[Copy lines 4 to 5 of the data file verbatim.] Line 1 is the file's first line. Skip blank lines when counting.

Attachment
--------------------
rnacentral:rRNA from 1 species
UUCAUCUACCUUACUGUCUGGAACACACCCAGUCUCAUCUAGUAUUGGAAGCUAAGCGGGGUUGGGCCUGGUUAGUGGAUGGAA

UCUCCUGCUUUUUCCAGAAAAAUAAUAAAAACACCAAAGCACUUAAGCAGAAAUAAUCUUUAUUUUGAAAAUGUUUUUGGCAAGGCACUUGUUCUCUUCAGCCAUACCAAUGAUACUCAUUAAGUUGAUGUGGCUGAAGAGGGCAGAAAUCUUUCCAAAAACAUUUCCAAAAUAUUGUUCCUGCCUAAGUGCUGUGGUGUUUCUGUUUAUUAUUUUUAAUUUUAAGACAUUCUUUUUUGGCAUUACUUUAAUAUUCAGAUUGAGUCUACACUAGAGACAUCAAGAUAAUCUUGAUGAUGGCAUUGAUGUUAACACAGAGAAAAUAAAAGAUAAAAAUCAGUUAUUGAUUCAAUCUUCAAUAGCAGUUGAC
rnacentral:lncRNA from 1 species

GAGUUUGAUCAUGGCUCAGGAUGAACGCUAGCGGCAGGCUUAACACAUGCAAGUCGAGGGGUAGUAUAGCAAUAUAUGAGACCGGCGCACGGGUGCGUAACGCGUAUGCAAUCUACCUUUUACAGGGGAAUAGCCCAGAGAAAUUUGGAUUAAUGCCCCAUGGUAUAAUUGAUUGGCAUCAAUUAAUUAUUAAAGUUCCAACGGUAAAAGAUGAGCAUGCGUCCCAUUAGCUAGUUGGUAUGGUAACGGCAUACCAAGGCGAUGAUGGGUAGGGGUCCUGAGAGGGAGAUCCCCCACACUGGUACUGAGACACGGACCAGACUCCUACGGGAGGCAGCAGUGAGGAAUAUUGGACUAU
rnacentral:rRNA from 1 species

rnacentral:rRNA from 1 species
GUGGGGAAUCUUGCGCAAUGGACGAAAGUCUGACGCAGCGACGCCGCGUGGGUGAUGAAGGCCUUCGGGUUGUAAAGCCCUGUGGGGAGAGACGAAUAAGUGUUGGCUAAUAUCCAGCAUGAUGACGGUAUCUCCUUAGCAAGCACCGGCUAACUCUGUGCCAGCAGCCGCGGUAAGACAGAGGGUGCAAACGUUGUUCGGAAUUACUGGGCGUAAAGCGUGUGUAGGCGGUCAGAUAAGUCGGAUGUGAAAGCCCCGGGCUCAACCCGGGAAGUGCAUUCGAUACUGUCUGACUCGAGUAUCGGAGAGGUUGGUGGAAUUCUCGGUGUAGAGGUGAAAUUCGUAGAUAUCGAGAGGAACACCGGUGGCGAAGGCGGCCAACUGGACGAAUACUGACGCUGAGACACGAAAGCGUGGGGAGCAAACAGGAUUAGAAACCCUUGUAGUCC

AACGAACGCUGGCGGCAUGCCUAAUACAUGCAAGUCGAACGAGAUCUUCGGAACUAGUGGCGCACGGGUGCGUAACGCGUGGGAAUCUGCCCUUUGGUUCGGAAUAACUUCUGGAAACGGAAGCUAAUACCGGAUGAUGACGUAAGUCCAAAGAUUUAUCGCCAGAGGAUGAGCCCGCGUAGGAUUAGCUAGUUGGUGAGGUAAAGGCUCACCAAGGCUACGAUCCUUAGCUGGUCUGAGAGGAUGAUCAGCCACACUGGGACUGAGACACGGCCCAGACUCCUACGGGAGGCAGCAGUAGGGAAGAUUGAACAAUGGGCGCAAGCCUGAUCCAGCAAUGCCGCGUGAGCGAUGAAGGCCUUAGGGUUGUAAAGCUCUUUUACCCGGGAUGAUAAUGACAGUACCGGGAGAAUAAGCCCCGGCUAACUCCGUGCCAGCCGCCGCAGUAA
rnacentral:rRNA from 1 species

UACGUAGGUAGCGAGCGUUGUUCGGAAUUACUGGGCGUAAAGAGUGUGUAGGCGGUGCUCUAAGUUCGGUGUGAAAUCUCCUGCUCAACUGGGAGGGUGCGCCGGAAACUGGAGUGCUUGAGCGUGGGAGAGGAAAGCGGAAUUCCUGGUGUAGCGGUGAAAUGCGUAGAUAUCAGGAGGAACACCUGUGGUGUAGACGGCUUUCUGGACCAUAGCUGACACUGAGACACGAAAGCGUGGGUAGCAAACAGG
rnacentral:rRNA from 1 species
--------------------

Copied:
rnacentral:lncRNA from 1 species

GAGUUUGAUCAUGGCUCAGGAUGAACGCUAGCGGCAGGCUUAACACAUGCAAGUCGAGGGGUAGUAUAGCAAUAUAUGAGACCGGCGCACGGGUGCGUAACGCGUAUGCAAUCUACCUUUUACAGGGGAAUAGCCCAGAGAAAUUUGGAUUAAUGCCCCAUGGUAUAAUUGAUUGGCAUCAAUUAAUUAUUAAAGUUCCAACGGUAAAAGAUGAGCAUGCGUCCCAUUAGCUAGUUGGUAUGGUAACGGCAUACCAAGGCGAUGAUGGGUAGGGGUCCUGAGAGGGAGAUCCCCCACACUGGUACUGAGACACGGACCAGACUCCUACGGGAGGCAGCAGUGAGGAAUAUUGGACUAU